The Justice Department had announced a new direction for the justice reinvestment program that encourages states to cut prison populations. The proposal has been withdrawn after advocates of reinvestment sought support from key members of Congress.
Attorney General Jeff Sessions targeted a 2015 Supreme Court ruling that he says allowed more than 1,400 violent criminals to be released. The ruling said the law’s definition of a violent felon was too vague.
Members of the Freedom Caucus filed articles of impeachment against Deputy Attorney General Rod Rosenstein for what they allege is his failure to hand over documents to Congress about the Russia investigation. Now the House goes on a five-week recess.
The report includes the first public description of how DOJ will respond to foreign influence operations like Russia’s 2016 election meddling. “That policy reflects an effort to articulate neutral principles so that when the issue that the government confronted in 2016 arises again — as it surely will — there will be a framework to address it,” said Deputy Attorney General Rod Rosenstein.
Alan Hanson, the top Trump administration official at the U.S. Justice Department’s Office of Justice Programs, is moving to the Transportation Department. He’ll be replaced by Laura Rogers, a former San Diego prosecutor who now directs DOJ’s Office of Sex Offender Sentencing, Monitoring, Apprehending, Registering, and Tracking (SMART Office).
David Muhlhausen, director of the Justice Department’s research agency, predicted at a Washington, D.C., meeting that research will play “an ever more important role in how the criminal justice field operates.” The National Institute of Justice gave $221 million in grants last year.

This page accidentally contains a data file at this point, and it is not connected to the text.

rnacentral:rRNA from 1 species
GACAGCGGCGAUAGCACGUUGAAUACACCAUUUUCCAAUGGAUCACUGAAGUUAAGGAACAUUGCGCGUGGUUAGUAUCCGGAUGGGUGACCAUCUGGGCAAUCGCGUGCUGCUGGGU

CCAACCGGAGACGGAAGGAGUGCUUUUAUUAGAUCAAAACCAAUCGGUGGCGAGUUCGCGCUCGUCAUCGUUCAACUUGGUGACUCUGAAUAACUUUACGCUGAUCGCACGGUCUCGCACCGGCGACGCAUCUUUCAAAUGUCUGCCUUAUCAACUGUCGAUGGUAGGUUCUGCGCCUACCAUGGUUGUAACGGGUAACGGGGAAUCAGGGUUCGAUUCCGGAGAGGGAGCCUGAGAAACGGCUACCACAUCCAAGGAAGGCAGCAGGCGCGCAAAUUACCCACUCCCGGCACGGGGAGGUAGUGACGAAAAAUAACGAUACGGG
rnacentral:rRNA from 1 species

The Senate has confirmed 65 of the president’s U.S. Attorney nominees, eight more than the Obama administration at this point. They are key to supporting Attorney
General Jeff Sessions’ law-and-order platform.
Deputy Attorney General Rod Rosenstein asks 93 U.S. Attorneys for help in checking Supreme Court nominee Brett Kavanaugh’s paper trail. “It’s flat-out wrong to have career federal prosecutors engaged in a political process like the vetting of a Supreme Court nominee,” said Christopher Hunter, a former FBI agent and federal prosecutor.
The Senate voted 51-48 to confirm Brian Benczkowski to head the Justice Department’s Criminal Division, ending an 18-month delay in his confirmation. Benczkowski, a Justice Department veteran who held top posts in the George W. Bush administration, was criticized for his legal work for a Russian bank.
The federal government has reopened its investigation into the slaying of Emmett Till, the black teenager whose brutal killing in Mississippi helped inspire the civil rights movement more than 60 years ago. A book last year quotes a white woman, Carolyn Donham, as acknowledging that she wasn’t truthful when she testified that Till grabbed her, whistled and made sexual advances at a store in 1955.